Where to ask. You can also restrict the search engine’s answers to a certain set of pages by adding “site:” at the end of your query. For NHS sites, try “hip replacements efficacy site:nhs.uk“. For a paper on a Cambridge University professor’s website, try “hip replacements efficacy site:cam.ac.uk
10 words. Most search engines accept only the first 10 words of your query. Choose carefully
Images. The results page includes a link labelled “images”. Try “hip prosthesis” then click “images” to see pictures of hip prostheses. This is extremely useful for presentations
Peer review. A search engine uses the internet for “peer review.” The more websites link to a particular website, the higher its rank on a results page
Read a book. Carry the excellent Google Pocket Guide (O’Reilly, 2003, ISBN 0596005504) in one of your coat pockets.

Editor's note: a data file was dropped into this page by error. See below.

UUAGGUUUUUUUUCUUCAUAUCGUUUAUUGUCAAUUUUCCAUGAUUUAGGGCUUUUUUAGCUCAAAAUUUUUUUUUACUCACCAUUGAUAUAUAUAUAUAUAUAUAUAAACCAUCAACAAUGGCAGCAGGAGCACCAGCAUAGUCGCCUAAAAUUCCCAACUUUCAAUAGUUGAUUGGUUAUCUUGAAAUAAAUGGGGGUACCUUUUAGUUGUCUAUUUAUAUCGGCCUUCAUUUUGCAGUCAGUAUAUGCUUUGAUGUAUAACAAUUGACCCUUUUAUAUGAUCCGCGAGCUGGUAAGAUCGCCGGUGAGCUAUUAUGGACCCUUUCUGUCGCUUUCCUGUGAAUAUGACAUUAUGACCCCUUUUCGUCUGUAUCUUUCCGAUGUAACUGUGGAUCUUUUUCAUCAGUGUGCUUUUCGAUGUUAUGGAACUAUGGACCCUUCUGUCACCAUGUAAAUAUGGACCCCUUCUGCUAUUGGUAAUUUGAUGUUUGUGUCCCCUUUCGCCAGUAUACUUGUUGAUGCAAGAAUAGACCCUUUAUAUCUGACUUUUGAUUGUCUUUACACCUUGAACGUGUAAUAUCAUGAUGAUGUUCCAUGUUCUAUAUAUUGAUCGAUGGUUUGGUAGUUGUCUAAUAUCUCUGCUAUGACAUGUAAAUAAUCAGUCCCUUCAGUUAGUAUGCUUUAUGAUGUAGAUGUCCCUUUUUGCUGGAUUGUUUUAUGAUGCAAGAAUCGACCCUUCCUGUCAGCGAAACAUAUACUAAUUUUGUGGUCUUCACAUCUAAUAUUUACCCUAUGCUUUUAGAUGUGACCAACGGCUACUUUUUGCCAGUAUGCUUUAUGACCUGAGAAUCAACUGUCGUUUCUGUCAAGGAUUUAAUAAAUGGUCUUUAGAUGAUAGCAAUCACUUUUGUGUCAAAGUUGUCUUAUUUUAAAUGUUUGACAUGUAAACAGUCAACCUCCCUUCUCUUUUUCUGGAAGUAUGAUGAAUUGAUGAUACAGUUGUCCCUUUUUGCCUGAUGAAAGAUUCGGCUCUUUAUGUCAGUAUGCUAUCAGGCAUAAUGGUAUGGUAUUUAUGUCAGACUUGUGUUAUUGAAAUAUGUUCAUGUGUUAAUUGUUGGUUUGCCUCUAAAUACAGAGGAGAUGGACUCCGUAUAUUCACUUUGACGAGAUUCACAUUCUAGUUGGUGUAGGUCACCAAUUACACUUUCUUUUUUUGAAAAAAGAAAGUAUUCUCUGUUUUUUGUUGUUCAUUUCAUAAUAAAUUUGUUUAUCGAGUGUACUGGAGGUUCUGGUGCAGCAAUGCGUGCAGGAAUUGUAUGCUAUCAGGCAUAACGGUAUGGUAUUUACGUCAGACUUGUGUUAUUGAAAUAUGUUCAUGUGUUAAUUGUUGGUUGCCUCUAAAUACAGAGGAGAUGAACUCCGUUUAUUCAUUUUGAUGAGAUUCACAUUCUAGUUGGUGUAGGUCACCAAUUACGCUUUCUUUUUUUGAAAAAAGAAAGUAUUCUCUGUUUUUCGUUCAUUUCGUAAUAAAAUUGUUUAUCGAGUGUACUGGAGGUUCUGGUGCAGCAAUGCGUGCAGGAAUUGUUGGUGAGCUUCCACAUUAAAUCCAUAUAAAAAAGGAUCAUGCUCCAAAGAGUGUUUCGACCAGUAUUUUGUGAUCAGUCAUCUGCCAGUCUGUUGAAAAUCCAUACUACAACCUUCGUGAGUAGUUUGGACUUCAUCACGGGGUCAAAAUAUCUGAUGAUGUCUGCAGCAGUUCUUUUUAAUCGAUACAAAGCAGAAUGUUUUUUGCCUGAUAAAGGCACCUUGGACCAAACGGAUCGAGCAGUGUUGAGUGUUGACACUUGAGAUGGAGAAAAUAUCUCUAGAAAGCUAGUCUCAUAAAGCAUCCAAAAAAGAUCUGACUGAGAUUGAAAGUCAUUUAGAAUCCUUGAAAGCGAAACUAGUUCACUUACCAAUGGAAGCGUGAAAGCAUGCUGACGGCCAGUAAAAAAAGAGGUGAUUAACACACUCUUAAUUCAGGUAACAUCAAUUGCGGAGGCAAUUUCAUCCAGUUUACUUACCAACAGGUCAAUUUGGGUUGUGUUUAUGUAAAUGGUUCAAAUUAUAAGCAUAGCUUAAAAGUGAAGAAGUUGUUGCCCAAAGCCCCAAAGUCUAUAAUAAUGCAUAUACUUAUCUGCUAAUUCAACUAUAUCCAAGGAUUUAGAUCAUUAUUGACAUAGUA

published in the January 8th 2005 issue of the British Medical Journal’s Career Focus

Tips on Microsoft Excel

Posted in Articles, My publications, Technology by Dr Mohammad Al-Ubaydli on January 1, 2005

Be prepared

In a busy hospital environment, getting access to the notes for your audit data can be a haphazard and temporary affair. Always carry a handheld computer. Most Palm compatible machines come with ExcelToGo while Pocket PCs come with Pocket Excel. Data you enter there will easily transfer to your desktop computer’s Microsoft Excel.

Formulate

To add up all the cells in a column, click inside the cell that you want the sum to appear in. Type in =SUM(. Keep the shift key pressed and click inside the first cell in the column. Then type a colon. With the shift key still pressed, click at the bottom of the column. Finally type in a closed parenthesis and press the return key.

Freeze

When you scroll down the page, you still want to see the row of your column headings. Click on the number of the row underneath the row of your column headings. Then, from the Windows menu, click on freeze panes.

Graph